Saturday, January 22, 2011


I discovered the films of Ingmar Bergman way back in college with a life- changing viewing of "THE SEVENTH SEAL" in an undergrad English class, but I can't say I've done the finest job of barreling through his pantheon in the intervening 24 years. That's not to say I haven't seen a bunch of them - in fact, just for S&G's, let's make a rank-ordered list of all the Bergman films I HAVE seen, some of which are among my favorite films ever, all of which preceded my viewing of "HOUR OF THE WOLF" the other night:
  1. Persona
  2. Scenes From a Marriage
  3. Cries and Whispers
  4. Autumn Sonata
  5. The Passion of Anna
  6. The Seventh Seal
  7. Wild Strawberries
  8. Saraband
Ouch. That's one every three years, for 24 years, from someone who has long purported to be a "huge Bergman fan". That's even weaker than I expected. With that in the back of my mind, I loaded up the Netflix streaming queue with many of the ones I hadn't seen, and decided to start upping the pace a little. "Hour of the Wolf" was the first in this project.

This black and white gothic psychodrama features several of the key ensemble players that Bergman used through most of the 60s and beyond: Liv Ullmann, Max Von Sydow, Ingrid Thulin and Erland Josephson. It sprang from a script that was eventually broken into two films, the masterful 1966 "Persona" and this slightly less masterful meditation on mental illness, marriage, aging and how "two people become one" after years of being together. And it is definitely creepy.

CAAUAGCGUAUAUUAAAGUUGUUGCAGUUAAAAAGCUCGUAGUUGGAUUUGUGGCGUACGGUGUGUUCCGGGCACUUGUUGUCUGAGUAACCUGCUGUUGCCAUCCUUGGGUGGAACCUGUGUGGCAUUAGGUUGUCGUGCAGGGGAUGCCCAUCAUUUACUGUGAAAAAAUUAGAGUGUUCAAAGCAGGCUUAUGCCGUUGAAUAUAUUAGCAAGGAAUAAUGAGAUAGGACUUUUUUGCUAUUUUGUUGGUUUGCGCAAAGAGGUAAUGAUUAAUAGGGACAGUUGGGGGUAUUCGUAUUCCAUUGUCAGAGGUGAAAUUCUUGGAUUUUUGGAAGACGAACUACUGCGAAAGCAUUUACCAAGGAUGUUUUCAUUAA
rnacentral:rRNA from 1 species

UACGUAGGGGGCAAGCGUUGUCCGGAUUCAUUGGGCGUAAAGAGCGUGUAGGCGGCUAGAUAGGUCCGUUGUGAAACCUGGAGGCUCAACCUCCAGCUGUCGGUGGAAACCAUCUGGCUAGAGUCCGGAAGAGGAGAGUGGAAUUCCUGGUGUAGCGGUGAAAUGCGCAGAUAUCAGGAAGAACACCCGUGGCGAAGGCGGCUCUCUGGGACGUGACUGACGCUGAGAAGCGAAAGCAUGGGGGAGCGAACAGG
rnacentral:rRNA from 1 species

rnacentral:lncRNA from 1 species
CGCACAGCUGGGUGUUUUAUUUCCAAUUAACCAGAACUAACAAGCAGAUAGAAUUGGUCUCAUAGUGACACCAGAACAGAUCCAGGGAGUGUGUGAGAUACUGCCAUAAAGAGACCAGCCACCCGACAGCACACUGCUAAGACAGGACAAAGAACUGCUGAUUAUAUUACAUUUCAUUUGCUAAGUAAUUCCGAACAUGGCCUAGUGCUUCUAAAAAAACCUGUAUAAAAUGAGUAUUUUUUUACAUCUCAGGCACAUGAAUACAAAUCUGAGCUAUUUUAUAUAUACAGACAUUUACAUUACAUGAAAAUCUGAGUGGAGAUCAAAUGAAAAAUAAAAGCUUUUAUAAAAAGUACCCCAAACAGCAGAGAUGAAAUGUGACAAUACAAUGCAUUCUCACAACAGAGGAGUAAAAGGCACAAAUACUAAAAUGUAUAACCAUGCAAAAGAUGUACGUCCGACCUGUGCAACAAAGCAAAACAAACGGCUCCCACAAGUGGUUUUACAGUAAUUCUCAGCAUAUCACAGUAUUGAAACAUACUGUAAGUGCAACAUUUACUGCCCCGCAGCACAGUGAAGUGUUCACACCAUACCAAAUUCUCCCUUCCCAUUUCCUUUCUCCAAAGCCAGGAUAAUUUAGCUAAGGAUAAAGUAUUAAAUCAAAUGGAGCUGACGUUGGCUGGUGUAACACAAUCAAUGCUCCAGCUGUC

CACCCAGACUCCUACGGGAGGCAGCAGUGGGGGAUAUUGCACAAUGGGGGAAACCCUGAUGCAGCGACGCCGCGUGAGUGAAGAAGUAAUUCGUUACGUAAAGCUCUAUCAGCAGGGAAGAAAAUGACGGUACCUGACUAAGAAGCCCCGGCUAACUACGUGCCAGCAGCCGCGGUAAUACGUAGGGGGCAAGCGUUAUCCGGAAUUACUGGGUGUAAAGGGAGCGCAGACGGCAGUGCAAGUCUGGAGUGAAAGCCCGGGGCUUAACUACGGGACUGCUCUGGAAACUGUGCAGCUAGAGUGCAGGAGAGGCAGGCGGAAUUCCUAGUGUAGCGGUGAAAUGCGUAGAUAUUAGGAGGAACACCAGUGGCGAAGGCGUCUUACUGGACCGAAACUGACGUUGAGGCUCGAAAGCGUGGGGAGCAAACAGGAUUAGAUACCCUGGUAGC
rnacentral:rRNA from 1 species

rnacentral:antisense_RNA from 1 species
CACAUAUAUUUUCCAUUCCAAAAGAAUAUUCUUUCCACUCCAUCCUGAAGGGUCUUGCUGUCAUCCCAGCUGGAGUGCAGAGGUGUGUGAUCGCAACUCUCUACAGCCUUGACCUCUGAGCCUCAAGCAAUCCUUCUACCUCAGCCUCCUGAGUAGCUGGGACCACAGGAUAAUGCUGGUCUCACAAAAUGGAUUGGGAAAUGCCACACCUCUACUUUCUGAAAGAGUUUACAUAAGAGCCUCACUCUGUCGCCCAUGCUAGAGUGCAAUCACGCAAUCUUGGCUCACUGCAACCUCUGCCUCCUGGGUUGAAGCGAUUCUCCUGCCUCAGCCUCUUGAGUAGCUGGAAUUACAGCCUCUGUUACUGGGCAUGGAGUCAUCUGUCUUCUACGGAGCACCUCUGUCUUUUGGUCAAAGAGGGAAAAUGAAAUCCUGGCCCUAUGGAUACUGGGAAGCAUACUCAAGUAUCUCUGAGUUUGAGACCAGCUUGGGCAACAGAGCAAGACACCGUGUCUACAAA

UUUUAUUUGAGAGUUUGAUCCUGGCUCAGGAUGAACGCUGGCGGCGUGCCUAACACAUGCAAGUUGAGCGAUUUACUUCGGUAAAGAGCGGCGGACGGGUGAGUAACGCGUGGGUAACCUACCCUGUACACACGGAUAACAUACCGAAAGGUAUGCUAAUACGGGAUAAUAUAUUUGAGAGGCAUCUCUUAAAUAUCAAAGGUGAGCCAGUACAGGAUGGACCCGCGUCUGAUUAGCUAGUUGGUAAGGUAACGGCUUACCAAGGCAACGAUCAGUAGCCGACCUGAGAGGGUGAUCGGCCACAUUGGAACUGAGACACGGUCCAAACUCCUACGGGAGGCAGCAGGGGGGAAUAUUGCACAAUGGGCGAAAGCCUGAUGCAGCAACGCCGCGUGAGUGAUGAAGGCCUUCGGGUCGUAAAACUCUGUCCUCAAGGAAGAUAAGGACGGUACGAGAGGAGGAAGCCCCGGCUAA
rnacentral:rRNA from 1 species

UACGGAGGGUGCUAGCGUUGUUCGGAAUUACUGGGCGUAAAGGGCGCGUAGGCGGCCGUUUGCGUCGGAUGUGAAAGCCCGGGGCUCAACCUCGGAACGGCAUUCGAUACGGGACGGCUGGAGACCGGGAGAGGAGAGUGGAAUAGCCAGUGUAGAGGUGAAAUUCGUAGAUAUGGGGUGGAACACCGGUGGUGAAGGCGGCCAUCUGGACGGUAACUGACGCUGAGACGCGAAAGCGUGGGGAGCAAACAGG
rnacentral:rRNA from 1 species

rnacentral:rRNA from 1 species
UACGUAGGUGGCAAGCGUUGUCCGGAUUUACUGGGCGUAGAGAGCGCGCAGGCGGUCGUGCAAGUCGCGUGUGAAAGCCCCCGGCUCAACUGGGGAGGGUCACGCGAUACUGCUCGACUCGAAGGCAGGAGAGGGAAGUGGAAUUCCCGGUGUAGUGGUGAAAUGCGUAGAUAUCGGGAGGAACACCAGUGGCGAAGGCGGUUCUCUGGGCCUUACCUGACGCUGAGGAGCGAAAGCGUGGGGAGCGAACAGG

Von Sydow's character, a man wracked with guilt and shame and who is aging less than gracefully - basically, he's turning into a reclusive basket case who is too scared to go to sleep for fear of visions - is haunted by not only his past but these visitors to his waking hours (?) who torment him with his sins and temptations.

Ullmann, who plays his wife, is either an accessory to his madness or simply a helpless observer - with Bergman it's often hard to tell. That's why films like these, which leave the viewer with a profound sense of unease and paranoia, have been dissected in film schools and media forums for decades. Because Bergman was so masterful at close-ups - especially of Ullmann - and at juxtaposing jarring music with his imagery, his films take on this gauzy, mythic quality where the images linger long after you've forgotten the deeper meaning of what he was grasping for. Often with Ingmar, it was all about him anyway.

I'm not going to call this one of his masterpieces, but I'll also say that I pondered it for a week afterward. Even as I type this I'm trying to figure out the best ways to both warn the unwary and to excite those whose film palates are thirsting for experimental adventure. Put it this way - if you loved any of the films I mentioned in my all-too-brief list of the Bergman films I've seen, then you're going to have a soft spot for "Hour of the Wolf" which certainly qualifies as his most "traditionally" scary film. I'm going to move on to the purportedly shiny happy "Smiles of a Summer Night" next.